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Editing women into Wikipedia: The Dinner Party Project | #toofew

Editing women into Wikipedia: The Dinner Party Project | #toofew

This summer, I stumbled across a very interesting project: An attempt to ensure that all the women represented in Judy Chicago's landmark piece The Dinner Party (1974-79) are represented on Wikipedia. 

This is no small feat - the piece names 1,038 women (39 at the table place settings, and 999 on the floor). According to Alexandra Thom at the Brooklyn Museum in her blog post Writing Women Back Into History

"[...]while most of the women included in The Dinner Party are represented, many of them did not have articles of their own (92 of the 999 women named on the Heritage Floor did not). Of those articles that did exist, a significant number qualified as “stubs,” or very short articles in need of expansion and better citation (190 of the 909 articles met this criteria)."

Thom's post describes the challenges of writing these women into Wikipedia (with a nod to the ever-timely Linda Nochlin essay, "Why Have There Been No Great Women Artists?"). 

This project is relevant to many of the points that Adrianne Wadewitz has been making here on HASTAC, and her work to demystify the Wikipedia editing process, as well as the work of #dhpoco and others trying to edit women and minorities into Wikipedia. It would be great to stage an art history focused write-in like #toofew or #gwwi -- maybe planning events that focused on a single discipline would encourage broader participation within those fields (although possible smaller participation overall for each write-in). What do you think?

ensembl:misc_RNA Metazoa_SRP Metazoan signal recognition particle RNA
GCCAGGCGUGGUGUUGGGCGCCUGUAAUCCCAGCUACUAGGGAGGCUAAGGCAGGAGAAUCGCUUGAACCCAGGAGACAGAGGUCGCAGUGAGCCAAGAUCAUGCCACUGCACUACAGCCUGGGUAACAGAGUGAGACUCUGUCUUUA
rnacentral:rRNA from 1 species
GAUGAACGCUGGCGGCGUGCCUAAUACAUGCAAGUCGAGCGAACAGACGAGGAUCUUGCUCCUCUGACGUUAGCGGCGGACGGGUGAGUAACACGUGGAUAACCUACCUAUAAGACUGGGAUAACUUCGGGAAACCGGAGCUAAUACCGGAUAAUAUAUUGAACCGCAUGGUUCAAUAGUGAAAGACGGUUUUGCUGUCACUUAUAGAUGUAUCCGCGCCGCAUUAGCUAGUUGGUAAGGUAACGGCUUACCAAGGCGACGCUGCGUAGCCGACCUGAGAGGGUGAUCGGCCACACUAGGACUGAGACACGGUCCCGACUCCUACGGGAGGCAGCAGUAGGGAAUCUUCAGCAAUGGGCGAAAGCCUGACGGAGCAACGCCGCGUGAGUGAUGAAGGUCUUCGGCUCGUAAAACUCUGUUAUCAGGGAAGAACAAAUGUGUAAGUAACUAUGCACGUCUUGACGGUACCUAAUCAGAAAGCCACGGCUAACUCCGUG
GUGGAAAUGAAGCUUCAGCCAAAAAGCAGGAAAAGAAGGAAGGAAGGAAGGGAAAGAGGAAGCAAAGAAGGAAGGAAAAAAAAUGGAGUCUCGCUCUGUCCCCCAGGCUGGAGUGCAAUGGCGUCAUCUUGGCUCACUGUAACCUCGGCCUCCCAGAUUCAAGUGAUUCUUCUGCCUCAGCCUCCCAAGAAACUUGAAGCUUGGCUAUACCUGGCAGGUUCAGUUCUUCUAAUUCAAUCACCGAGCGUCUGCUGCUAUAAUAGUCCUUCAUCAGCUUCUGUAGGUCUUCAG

You can also read more about the Dinner Party Project in Thom's post, Ending the Ongoing Cycle of Omission.

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2 comments

Yes! I think that topic-specific events draw in academics, but they do not draw in as many other people. Academics have already done much research in their lives, so they have the research that needs to be added to Wikipedia at their fingertips. Organizing a topic-specific event would mean targeting those academics and organizing them, sometimes a tough job. However, if you want to attract women or minorities to edit more broadly, you often have to be broader in scope because the general public doesn't generally sit around doing research. There are exceptions to this, of course, and amateur history groups and the like are wonderful places to recruit editors. In terms of focusing on art history in particular, the GLAM project at Wikipedia has specifically attempted to work with galleries, libraries, archives, and museums to add content to the encyclopedia, with much success. For example, recently the Chemical Heritage Foundation had an edit-a-thon that partially focused on improving entries on female scientists. In general, I think the idea is to get as many different people working on this problem as possible - the decentralized way that many of these projects have been popping up in the past few years has been wonderful to behold because it shows that the idea merely needs to spread and people will take it up. 

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That's great! I'll definitely look into GLAM and maybe try to help promote it. It's interesting to weigh the pros and cons of a specific focus vs. a decentralized approach, but it seems to me like the best answer for now is "all of the above/as much as possible"!

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